“Momma, I need you to turn off the air conditioner,” my son said as we drove to his appointment.
“OK, but why?” I asked, thinking about the 95 degree heat that was sure to make us a sweaty mess, in about three minutes, without the air on.
“Because I am eating something crunchy,” he answered, as if I should know. “It gives me weird, yucky feeling goosebumps, and makes me shiver.” He took another, careful bite of the popcorn.
I turned off the air.
The realization of what he was saying hit me all at once. The sensory experience of eating something crunchy, made him feel the way I feel when I am at the dentist, and he is scraping my teeth.
No wonder my son avoids crunchy foods.
No wonder he used to meltdown when he was younger, and just didn’t have the language to explain why.
No wonder I can’t get a flippin’ carrot in this kid.
I fixed my eyes on the freeway so that he wouldn’t see my tears. All this time… I wish I had known.
Sensory processing disorder affects my son, all the time.
It’s here every day, day in and day out, making my son uncomfortable in his own body, and unable to tolerate so many things that I just take for granted.
Temple Grandin, in The Way I See It, speaks candidly about the sensory issues that accompany her autism diagnosis. She speaks candidly about how little research and understanding there is, for something that she considers to be the most significant impairment in her life.
I am with her. It makes me a little panicky and even more so, angry, when I read about the lack of understanding, research, treatment, and care in the medical community, when it comes to SPD.
The one thing that I wish I could alleviate for my son, above anything else that he deals with, is the way his sensory system impacts his overall well-being. It has been so much a part of his daily existence for so long, it’s hard to imagine what his life would even be like without SPD.
This goes waaaaaaay back for him. I am going to venture a guess and say that when he spent hours upon hours, every single day, crying inconsolably at three weeks old, sensory issues may have been a part of it.
He has never known a life where his body isn’t fighting basic aspects of his daily life.
Too cold drinks.
Too warm drinks.
Riding a bike.
Sitting in an upright chair.
Smells, even pleasant ones.
I could go on and on and on.
The good news is? I could go on and on and on. I understand now.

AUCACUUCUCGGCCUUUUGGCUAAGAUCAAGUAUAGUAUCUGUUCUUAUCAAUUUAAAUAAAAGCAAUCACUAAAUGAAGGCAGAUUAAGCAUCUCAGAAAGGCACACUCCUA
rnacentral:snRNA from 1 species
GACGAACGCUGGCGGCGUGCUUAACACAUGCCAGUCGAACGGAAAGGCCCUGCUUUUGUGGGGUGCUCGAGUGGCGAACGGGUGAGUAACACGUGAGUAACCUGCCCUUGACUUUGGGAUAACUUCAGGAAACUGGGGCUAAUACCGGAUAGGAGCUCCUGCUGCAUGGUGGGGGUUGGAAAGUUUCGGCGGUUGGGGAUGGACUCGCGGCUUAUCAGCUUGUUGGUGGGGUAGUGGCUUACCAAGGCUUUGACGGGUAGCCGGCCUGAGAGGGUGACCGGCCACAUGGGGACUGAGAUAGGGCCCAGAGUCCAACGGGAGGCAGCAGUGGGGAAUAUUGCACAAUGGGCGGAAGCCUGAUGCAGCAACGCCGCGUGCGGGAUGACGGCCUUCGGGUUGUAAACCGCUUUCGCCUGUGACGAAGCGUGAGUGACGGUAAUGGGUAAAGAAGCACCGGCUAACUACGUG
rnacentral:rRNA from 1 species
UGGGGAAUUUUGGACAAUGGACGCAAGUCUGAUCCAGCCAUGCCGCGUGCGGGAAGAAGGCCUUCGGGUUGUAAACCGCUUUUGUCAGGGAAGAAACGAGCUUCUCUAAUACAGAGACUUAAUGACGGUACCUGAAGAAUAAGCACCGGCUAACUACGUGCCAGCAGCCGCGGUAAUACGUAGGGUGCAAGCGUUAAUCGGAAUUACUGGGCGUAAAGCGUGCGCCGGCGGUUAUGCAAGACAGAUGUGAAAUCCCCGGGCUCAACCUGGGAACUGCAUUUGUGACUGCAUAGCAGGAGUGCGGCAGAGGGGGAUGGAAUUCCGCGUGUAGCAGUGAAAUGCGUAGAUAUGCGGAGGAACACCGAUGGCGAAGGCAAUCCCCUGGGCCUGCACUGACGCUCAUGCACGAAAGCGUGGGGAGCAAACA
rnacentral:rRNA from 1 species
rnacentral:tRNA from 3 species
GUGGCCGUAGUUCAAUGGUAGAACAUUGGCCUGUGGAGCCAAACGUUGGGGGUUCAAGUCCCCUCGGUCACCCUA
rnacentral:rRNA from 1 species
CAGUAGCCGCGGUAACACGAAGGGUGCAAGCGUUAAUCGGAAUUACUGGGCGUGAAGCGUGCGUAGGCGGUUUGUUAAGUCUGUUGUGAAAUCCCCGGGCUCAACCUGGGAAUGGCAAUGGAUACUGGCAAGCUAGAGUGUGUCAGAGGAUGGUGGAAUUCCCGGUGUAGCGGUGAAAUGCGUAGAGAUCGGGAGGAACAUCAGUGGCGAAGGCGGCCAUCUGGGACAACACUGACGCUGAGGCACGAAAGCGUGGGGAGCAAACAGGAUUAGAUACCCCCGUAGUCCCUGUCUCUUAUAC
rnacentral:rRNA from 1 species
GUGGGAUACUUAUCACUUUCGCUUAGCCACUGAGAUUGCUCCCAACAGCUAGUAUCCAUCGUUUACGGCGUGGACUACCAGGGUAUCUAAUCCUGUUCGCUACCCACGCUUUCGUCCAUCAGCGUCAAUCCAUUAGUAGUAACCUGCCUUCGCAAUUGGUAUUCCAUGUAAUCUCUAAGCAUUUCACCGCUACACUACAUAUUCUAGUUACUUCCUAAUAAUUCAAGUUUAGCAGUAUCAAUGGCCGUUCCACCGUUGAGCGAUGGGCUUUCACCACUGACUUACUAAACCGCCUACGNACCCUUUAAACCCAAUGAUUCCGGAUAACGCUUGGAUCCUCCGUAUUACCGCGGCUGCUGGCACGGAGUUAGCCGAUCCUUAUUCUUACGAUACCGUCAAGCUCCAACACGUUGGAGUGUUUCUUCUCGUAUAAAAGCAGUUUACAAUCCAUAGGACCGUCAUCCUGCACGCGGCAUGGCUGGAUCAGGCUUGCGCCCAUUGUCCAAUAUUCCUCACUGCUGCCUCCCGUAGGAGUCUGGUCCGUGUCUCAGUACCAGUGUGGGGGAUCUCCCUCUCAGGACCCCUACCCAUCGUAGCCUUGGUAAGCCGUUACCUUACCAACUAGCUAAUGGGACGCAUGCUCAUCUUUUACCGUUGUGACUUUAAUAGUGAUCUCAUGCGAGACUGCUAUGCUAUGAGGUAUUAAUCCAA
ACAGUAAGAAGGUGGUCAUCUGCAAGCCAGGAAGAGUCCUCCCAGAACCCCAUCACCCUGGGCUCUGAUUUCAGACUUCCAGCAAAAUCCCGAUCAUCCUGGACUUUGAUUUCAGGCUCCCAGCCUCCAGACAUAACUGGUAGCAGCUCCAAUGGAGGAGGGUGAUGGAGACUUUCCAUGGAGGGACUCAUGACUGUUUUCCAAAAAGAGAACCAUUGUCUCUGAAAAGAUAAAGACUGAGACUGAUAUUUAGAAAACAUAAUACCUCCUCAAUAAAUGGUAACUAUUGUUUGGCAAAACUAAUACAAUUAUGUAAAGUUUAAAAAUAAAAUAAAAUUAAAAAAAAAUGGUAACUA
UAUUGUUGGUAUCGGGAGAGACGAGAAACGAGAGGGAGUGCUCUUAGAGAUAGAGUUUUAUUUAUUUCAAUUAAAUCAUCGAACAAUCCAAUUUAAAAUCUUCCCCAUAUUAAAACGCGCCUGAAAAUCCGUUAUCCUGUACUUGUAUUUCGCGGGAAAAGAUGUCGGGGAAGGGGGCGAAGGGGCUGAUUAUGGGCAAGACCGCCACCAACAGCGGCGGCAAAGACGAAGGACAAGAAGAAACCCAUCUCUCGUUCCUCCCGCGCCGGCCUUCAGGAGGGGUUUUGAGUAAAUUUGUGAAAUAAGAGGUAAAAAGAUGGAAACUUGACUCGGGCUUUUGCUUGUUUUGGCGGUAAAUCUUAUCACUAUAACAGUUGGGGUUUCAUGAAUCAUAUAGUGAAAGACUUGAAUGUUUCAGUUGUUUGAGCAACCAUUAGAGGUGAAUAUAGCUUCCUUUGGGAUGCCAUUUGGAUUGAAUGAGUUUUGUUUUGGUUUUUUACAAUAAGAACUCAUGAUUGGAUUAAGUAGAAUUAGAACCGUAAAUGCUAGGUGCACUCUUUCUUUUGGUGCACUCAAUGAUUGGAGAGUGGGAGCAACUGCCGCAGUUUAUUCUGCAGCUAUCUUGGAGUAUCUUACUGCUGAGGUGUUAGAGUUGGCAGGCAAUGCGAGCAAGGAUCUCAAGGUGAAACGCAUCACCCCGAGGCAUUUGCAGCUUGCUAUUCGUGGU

I hate that I didn’t used to. That I thought he just was being stubborn or spoiled. That I would force him to just put the socks on, or eat at the Mexican restaurant that made him gag from the smell, or suffer through the park days, where the sand and noise from the other kids physically hurt. That he would freak out every Saturday when he realized that church was the next day, that it was going to cause him pain, and that I was going to make him go anyway.
I have written about this topic in the past. I will continue to do so. We need to talk about it more.
Because the more we discuss and begin to understand Sensory Processing Disorder, the more we truly begin to know our children. And when we do, we can help them, empathize with them, teach them exercises to help, and love them through what can be incredibly traumatic.
Now that I know, I can help.
Below is video of my son in the doctor’s waiting room. Turn the volume up to get a true understanding of how loud it was for us. In it, he is wearing headphones, but the noise still gets through. This waiting room is at a hospital, so the sterile smell, while clean, was overwhelming to him. The chairs were completely upright, so it was difficult for him to feel comfortable sitting (partially sensory, partially hip pain associated with Lupus). The lighting is standard fluorescent, which makes his head hurt, and actually impairs his vision a bit.
Take a look.
He is rocking back and forth, because it helps him cope.
I am rubbing his back, because I know I can’t help much, but I am hoping and praying he will be able to stay calm.
A year ago, this would’ve been a meltdown. No question.
But on this day, he managed. He got through it. He used everything he has been taught about how to cope and did just that.
And his momma?
By the grace of God, she saw it for what it was. A tough sensory situation, requiring care, understanding, and empathy.
I will never really know what it “feels” like to be in his body and dealing with Sensory Processing Disorder.
But learning everything I can about Sensory Processing Disorder, has changed the way I parent – the battles and pick and the ones I let go.
It has changed our relationship. He trusts me now (he didn’t before – he couldn’t because I wasn’t very trustworthy when it came to his needs). He knows now that I am trying, that I am looking out for him.
It has changed the way I mother my child.